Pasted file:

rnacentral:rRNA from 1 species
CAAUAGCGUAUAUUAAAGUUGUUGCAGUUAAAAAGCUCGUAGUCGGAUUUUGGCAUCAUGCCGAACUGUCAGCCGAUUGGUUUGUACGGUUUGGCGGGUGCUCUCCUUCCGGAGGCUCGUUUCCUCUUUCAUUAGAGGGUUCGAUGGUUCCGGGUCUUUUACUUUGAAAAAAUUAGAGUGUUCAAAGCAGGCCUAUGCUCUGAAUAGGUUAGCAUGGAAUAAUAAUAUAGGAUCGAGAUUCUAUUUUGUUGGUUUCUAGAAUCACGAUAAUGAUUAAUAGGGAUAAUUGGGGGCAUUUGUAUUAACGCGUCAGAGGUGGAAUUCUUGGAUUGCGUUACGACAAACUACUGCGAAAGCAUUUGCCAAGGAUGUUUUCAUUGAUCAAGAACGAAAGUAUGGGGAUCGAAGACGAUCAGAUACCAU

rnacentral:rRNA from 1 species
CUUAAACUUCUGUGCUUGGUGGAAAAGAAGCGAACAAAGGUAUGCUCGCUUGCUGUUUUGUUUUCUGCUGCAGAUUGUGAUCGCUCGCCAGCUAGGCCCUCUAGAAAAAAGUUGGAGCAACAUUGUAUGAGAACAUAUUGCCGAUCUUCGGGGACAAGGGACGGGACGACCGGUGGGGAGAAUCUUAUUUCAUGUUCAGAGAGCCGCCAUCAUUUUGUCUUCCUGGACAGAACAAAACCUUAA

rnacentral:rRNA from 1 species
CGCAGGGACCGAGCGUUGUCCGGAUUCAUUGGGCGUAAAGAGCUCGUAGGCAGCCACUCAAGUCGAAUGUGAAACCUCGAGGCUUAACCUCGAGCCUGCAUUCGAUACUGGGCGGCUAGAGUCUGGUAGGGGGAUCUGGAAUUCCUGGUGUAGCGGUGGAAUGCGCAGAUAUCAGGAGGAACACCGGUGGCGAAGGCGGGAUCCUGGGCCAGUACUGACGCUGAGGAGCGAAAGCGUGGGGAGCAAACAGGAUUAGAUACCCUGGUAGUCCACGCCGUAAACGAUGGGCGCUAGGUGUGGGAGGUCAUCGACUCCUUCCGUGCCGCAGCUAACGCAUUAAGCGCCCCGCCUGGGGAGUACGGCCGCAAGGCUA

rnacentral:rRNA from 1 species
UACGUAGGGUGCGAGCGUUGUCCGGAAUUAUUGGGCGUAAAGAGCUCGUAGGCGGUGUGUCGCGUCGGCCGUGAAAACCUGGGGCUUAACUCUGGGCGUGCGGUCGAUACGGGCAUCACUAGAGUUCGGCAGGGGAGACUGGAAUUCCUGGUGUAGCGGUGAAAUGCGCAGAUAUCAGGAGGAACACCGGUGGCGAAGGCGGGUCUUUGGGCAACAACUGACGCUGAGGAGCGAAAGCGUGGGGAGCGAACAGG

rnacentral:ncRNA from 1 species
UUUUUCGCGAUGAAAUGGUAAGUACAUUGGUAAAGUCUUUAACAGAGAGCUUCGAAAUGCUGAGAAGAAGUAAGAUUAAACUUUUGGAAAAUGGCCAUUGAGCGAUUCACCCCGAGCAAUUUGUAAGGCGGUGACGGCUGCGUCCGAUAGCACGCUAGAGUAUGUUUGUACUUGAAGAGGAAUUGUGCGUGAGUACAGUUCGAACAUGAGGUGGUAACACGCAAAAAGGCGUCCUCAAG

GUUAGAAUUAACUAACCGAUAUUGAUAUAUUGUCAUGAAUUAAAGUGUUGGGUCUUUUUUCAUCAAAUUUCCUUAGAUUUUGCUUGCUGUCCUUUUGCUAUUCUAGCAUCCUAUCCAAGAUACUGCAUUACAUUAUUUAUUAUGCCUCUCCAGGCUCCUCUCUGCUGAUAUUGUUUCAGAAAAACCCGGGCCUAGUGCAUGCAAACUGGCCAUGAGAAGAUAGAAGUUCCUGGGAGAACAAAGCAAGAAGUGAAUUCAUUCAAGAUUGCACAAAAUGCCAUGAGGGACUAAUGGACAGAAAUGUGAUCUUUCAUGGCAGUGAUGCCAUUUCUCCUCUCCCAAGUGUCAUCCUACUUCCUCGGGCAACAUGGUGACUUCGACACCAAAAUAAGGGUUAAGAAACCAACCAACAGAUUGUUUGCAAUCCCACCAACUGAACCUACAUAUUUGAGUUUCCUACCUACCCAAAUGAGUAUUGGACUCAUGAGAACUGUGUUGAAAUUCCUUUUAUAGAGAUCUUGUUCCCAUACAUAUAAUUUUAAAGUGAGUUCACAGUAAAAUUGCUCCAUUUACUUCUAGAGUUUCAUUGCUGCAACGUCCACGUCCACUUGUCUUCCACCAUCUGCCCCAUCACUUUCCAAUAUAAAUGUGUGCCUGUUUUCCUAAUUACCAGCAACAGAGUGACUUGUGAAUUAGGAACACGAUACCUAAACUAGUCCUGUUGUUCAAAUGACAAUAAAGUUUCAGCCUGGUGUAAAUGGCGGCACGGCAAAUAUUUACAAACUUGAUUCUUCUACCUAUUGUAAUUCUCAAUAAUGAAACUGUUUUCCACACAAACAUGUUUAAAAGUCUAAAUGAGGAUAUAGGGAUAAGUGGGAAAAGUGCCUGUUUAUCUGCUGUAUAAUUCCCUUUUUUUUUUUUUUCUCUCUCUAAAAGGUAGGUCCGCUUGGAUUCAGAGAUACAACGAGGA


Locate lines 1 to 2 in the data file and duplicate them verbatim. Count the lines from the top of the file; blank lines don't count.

rnacentral:rRNA from 1 species
CAAUAGCGUAUAUUAAAGUUGUUGCAGUUAAAAAGCUCGUAGUCGGAUUUUGGCAUCAUGCCGAACUGUCAGCCGAUUGGUUUGUACGGUUUGGCGGGUGCUCUCCUUCCGGAGGCUCGUUUCCUCUUUCAUUAGAGGGUUCGAUGGUUCCGGGUCUUUUACUUUGAAAAAAUUAGAGUGUUCAAAGCAGGCCUAUGCUCUGAAUAGGUUAGCAUGGAAUAAUAAUAUAGGAUCGAGAUUCUAUUUUGUUGGUUUCUAGAAUCACGAUAAUGAUUAAUAGGGAUAAUUGGGGGCAUUUGUAUUAACGCGUCAGAGGUGGAAUUCUUGGAUUGCGUUACGACAAACUACUGCGAAAGCAUUUGCCAAGGAUGUUUUCAUUGAUCAAGAACGAAAGUAUGGGGAUCGAAGACGAUCAGAUACCAU